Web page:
We'd always visited in the summer time, when it is warm and sunny and those humongous trees (over 300 feet tall!) would gently sway in the summer breeze. The creeks were dry creeks, with no hope of ever flowing again. But now it is winter, and the fog rolls in from the coast. The friendly Hobbiteen grove becomes a different animal—not menacing, but colder, more reserved, more graceful. Kai, his buddy John, and I traipsed through the dripping forest, sensing closeness and at least for me, a certain closure. Judy would hug some of these trees, feeling their rhythm; I tried to lay my hand on them but was not greeted in return. I didn't expect it. Actually, I think I would have freaked out had I felt anything but the satisfaction and the sorrow of being back. Still, nothing wrong with being open and listening....

The photos, taken with that silly little pocket camera of mine, don't do any justice to the majesty of the place. If you ever find yourself within 200 miles of this holy (and I mean it) site, go there. It is magical. This is better than the trilogy of the Lord of the Rings. The colors defy description.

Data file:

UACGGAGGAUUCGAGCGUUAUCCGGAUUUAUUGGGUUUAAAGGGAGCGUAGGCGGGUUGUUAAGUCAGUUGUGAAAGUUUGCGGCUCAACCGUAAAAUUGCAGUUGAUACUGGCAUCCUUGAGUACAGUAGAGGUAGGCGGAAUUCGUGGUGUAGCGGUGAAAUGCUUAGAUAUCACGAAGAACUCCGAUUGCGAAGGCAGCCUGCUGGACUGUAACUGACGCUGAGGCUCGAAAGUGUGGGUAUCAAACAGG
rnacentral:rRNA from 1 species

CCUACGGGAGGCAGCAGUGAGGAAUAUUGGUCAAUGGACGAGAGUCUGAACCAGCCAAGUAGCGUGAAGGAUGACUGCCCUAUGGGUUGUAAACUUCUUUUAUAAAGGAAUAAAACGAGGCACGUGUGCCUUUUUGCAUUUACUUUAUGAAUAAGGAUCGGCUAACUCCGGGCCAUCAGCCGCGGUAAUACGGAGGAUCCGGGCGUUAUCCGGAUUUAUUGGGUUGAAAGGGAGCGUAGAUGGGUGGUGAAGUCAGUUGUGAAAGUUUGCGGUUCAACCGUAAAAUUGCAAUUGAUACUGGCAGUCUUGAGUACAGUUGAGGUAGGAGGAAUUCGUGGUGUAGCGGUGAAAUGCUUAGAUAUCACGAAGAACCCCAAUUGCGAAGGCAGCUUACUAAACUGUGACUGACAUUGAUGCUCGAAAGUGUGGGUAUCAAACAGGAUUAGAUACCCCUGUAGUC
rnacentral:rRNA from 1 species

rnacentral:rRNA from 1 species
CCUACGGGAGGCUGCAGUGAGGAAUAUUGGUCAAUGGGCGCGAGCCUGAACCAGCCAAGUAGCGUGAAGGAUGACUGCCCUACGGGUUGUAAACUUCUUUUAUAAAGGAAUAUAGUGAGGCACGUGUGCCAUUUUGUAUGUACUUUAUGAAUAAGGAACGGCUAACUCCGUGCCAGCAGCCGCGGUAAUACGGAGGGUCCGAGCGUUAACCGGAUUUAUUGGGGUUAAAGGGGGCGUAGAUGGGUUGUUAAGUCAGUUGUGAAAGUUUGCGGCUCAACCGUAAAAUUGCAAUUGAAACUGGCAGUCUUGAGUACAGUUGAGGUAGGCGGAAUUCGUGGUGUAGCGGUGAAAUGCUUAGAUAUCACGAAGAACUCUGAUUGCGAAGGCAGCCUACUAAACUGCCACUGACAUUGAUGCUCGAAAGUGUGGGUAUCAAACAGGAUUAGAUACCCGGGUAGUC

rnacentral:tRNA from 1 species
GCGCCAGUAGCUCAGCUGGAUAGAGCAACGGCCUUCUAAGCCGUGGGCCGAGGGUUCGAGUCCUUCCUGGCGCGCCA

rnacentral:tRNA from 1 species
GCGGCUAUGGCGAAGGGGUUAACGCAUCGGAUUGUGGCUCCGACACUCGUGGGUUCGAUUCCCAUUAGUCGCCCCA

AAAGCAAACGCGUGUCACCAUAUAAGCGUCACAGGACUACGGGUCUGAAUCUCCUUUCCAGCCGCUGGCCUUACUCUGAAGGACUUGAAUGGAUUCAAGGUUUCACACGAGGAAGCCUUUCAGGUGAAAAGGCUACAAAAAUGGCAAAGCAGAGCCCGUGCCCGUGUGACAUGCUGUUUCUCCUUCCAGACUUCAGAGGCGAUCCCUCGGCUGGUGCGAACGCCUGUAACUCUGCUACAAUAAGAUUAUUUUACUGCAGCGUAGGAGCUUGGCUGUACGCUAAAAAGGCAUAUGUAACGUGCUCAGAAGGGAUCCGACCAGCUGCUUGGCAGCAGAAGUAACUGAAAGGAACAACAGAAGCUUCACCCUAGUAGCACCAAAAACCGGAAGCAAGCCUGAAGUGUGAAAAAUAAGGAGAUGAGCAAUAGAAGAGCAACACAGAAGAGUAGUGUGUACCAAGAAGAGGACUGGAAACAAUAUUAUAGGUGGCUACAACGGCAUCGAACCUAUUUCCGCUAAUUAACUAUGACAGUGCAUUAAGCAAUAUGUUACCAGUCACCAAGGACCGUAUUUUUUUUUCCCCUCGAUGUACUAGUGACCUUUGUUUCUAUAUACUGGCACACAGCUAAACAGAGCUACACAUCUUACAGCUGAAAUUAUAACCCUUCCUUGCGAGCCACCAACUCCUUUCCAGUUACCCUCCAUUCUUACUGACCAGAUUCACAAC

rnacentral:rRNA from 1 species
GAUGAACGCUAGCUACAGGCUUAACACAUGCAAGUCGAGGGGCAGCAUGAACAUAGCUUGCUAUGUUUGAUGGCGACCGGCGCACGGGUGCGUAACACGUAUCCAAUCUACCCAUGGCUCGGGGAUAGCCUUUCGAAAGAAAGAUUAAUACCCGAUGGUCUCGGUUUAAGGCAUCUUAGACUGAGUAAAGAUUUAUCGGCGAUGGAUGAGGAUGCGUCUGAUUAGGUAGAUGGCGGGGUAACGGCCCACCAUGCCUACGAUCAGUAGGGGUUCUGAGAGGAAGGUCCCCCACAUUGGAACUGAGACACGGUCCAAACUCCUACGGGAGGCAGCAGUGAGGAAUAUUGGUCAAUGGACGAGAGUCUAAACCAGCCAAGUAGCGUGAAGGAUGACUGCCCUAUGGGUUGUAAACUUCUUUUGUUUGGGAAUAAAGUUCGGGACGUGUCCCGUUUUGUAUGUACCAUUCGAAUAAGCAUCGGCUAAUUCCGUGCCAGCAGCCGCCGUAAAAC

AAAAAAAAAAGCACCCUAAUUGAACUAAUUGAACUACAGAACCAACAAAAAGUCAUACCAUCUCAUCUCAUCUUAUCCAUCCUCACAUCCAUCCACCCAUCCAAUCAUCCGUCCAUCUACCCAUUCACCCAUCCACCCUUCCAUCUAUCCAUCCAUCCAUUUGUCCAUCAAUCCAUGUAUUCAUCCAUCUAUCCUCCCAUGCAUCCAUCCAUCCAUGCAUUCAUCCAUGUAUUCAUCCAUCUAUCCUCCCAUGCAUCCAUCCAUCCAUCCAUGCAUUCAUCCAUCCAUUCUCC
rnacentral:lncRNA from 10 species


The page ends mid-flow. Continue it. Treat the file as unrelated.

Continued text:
Kai introduced us to another stand of old-growth forest, close to Occidental. The ambiance was different: Armstrong is sheltered in a small valley, secluded, intimate, hidden. The other stand is on a ridge that, with visibility, would almost overlook the Pacific. Oh, the fog, and the rain, and the exposure of this place were so different. Haunted is a better word than magical. Kai has placed three geo-cashes in this area, all of them connected by a middle-Earthian theme. As he says, placing the cache is more satisfying than finding one—especially when you place one inside of a 1,000+ year-old redwood.